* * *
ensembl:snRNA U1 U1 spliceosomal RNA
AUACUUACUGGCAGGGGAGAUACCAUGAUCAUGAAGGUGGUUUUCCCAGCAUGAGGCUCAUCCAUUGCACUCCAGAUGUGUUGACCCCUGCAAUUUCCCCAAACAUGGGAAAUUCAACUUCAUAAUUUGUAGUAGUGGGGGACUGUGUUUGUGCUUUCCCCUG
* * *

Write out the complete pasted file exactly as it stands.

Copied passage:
ensembl:snRNA U1 U1 spliceosomal RNA
AUACUUACUGGCAGGGGAGAUACCAUGAUCAUGAAGGUGGUUUUCCCAGCAUGAGGCUCAUCCAUUGCACUCCAGAUGUGUUGACCCCUGCAAUUUCCCCAAACAUGGGAAAUUCAACUUCAUAAUUUGUAGUAGUGGGGGACUGUGUUUGUGCUUUCCCCUG